They cleaned up at the NHL awards, winning the Norris trophy (Rod Langway), the Selke Trophy (Doug Jarvis), the Jack Adams Trophy (Bryan Murray), and the Jennings Trophy (Pat Riggin and Al Jensen). David Poile was named "Executive-of-the-Year" by the Sporting News and Rod Langway was voted a 1st team All-Star. Pat Riggin led the NHL in Goals Against Average and the team finished first in the league in penalty killing.
The 1983-84 home jerseys are also very memorable. It was the 10th season for the team and the 10th Anniversary of the Capital Centre. They wore a patch on the left sleeve to commemorate the anniversary. These jerseys are extremely rare as the patches were only worn on one set of home white jerseys.
Gus scores 5!
On January 8, 1984, Bengt Gustafsson became the first player in
Capitals history to score five goals in a game (only Peter Bondra has been able to match
him since). It was a 7-1 win over the Flyers in Philadelphia and all five goals were
scored against fellow Swede Pelle Lindbergh. The five goals were scored this way.
1st / 6:19 - Gus scores on a rebound off a Timo Blomqvist shot.
1st / 11:15 - Gus receives a pass from Mike Gartner from behind the net and puts a backhand past Lindbergh.
2nd / 11:41 - Gus puts in a rebound off his own shot on the power play.
3rd / 5:12 - Gus puts in an easy one on a two-on-none break with Gartner feeding him the pass.
3rd / 10:11 - Gus stole a pass at center ice, which turned into a two-on-one with Rod Langway. As Gus tried to make a pass over to Langway, Doug Crossman got in the way and the puck came right back to him and he quickly poked it into the net.
The Goal Dust Twins
As Mike Gartner and Bobby Carpenter were piling up goals during the 1984-85 season, they were given the nickname, "Goal Dust Twins". Carpenter started the season hot with 14 goals in his first 17 games and continued to stay hot (and consistent) throughout the season. On January 17th, he scored his 33rd goal, passing his previous high of 32. His 50th came in a 3-2 loss at Montreal against goaltender Steve Penney. He finished the season with 53 goals, which ranks as the 4th highest total in franchise history.
Mike Gartner's season started out a little slower, with 13 goals at the end of November. He began to heat up with nine goals in both December and January and then he had 10 in February. Going into the last game of the season, he had 48 goals and 98 points. Was it going to be a near miss or a milestone season? The game was at home against the Penguins, who the Caps had beat on the road, 7-4, the night before. Surely the Penguins would play a better defensive game the second time around, right? Nope. The Caps score 7 more, this time winning 7-3. Gartner had two goals and two assists to finish the season with 102 points and exactly 50 goals. The 50th goal came at 14:05 of the second period. Gustafsson threaded a pass to the slot and Gartner got his stick on it, knocking it passed the goalie. Several other milestones occurred in this game. Kevin Hatcher scored his very first NHL goal, Mario Lemieux became only the third rookie in NHL history to hit 100 points, and Doug Jarvis played in his 800th consecutive game.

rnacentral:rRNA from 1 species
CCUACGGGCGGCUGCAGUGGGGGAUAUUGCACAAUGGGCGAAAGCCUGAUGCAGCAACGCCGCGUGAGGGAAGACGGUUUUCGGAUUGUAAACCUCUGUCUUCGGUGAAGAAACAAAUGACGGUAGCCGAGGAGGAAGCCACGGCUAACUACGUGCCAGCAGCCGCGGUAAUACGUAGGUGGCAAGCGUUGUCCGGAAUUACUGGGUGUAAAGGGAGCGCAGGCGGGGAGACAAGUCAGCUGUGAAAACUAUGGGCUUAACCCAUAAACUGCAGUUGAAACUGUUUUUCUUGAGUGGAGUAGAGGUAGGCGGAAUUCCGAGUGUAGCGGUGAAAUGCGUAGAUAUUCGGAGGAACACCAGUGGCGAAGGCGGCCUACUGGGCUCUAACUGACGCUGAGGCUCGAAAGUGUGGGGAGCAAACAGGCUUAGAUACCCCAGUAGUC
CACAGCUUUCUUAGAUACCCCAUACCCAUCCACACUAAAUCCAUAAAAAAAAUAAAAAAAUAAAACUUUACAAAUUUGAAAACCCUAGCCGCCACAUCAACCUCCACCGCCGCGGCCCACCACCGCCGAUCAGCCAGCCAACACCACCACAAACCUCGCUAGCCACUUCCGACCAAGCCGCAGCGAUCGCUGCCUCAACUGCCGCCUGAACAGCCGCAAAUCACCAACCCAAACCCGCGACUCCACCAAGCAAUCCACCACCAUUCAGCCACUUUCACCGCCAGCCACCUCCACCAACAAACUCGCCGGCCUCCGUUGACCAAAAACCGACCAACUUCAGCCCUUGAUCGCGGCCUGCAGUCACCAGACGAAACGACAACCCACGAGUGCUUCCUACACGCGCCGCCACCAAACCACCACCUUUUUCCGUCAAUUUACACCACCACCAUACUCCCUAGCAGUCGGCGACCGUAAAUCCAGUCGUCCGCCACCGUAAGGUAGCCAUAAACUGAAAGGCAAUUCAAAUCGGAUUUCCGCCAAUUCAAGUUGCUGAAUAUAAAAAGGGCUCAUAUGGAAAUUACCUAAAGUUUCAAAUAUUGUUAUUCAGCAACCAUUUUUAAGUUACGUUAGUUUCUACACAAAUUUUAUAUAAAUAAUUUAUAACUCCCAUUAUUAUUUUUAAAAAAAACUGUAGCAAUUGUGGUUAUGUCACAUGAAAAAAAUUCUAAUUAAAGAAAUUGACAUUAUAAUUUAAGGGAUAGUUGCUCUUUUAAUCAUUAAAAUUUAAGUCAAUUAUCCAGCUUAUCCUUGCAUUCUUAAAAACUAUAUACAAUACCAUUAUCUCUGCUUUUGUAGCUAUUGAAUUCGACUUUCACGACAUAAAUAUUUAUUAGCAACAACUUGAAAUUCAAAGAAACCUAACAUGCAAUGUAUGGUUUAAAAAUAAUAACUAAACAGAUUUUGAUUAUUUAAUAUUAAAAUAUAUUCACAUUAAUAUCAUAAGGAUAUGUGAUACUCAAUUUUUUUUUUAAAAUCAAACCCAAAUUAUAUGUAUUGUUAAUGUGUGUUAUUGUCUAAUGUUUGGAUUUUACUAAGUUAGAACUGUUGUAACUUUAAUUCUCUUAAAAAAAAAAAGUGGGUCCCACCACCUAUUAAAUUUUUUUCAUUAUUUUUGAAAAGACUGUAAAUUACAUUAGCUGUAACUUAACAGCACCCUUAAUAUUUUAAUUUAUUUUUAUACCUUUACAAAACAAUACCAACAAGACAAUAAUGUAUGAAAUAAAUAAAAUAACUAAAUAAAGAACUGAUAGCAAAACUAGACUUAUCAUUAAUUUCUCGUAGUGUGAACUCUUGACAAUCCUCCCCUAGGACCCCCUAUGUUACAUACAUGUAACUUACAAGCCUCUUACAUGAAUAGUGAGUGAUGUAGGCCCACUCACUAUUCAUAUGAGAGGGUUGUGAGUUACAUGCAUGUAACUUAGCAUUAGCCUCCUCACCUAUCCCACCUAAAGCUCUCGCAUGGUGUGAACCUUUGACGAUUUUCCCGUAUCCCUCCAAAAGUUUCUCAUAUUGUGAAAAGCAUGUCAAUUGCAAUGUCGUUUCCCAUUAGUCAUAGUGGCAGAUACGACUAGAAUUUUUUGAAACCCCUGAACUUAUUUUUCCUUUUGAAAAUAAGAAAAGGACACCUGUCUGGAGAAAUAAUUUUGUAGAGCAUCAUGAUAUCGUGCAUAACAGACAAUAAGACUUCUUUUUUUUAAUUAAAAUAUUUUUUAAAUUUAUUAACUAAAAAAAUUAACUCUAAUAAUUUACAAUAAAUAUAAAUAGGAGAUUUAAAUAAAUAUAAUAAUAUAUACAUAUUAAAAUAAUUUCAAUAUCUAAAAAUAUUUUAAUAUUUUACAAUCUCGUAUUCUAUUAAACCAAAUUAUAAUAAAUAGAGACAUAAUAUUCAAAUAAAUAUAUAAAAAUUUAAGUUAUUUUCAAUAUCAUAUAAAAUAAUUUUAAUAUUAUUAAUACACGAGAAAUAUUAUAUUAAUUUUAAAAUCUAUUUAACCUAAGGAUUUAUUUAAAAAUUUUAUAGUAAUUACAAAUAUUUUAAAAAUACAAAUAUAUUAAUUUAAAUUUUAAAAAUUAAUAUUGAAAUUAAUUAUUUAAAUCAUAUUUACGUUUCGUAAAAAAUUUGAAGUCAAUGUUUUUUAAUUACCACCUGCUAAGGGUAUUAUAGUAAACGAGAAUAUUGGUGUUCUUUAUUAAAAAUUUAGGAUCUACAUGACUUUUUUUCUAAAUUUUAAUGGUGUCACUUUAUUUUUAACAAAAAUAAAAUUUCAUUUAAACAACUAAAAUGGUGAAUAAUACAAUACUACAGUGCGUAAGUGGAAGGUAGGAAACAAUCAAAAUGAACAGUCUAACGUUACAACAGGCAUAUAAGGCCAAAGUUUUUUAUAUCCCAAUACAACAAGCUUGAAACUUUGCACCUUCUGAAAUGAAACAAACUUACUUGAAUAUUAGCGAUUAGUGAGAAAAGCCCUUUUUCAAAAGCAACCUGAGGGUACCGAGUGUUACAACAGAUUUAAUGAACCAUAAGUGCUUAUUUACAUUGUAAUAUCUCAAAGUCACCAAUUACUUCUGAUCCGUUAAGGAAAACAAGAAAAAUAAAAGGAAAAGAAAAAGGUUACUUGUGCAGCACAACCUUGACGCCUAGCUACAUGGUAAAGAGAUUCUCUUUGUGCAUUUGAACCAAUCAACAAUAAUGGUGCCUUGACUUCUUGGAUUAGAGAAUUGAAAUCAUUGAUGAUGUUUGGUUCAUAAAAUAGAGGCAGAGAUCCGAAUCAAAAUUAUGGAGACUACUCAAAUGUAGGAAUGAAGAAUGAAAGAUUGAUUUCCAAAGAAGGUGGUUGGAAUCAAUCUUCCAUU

Dale Hunter's Overtime Goal
"Murphy starts the rush. He hits Hunter. He's in alone... a shot... and a GOAL!" - That was the call by HTS play-by-play announcer Mike Fornes on April 16, 1988 as Dale Hunter split the defense and beat Ron Hextall in overtime of game 7 of the Patrick Division semifinals. But it wasn't just that it was a game 7 OT goal that made it so special. It was what led up to the goal.
- Three Years Before (1985): The Caps take a 2-0 series lead
against the Islanders in the first round (best of 5). Then, they lose three straight.
- Two Years Before: The Caps advance to the second round of the playoffs to face the New York Rangers, who finished with 29 points fewer than the Capitals. They build a 2-1 series lead only to lose three straight.
- One Year Before: The Caps had a commanding 3-1 series lead on their playoff nemesis, the New York Islanders, and they lost three in a row including a four overtime game 7. Shortly after that game, GM David Poile trades for Dale Hunter, specifically for his post-season heroics.
- One Week Before: The Caps are up 4-1 in game 4 with a chance to even the series at two games each, but end up losing in overtime. Now, down three games to one in the series, everyone writes them off. Then, they win games 5 and 6 and come back home for game 7.
- Two Hours Before: The Caps are down 3-0 just five minutes into the second period of Game 7. Even playoff veteran and team captain Rod Langway thought they were done. "When it was 3-0, I thought we’d be blown out of the rink." he told the Washington Post. But they stuck with it and Hunter racked up a goal and an assist in the comeback and it was tied at the end of regulation.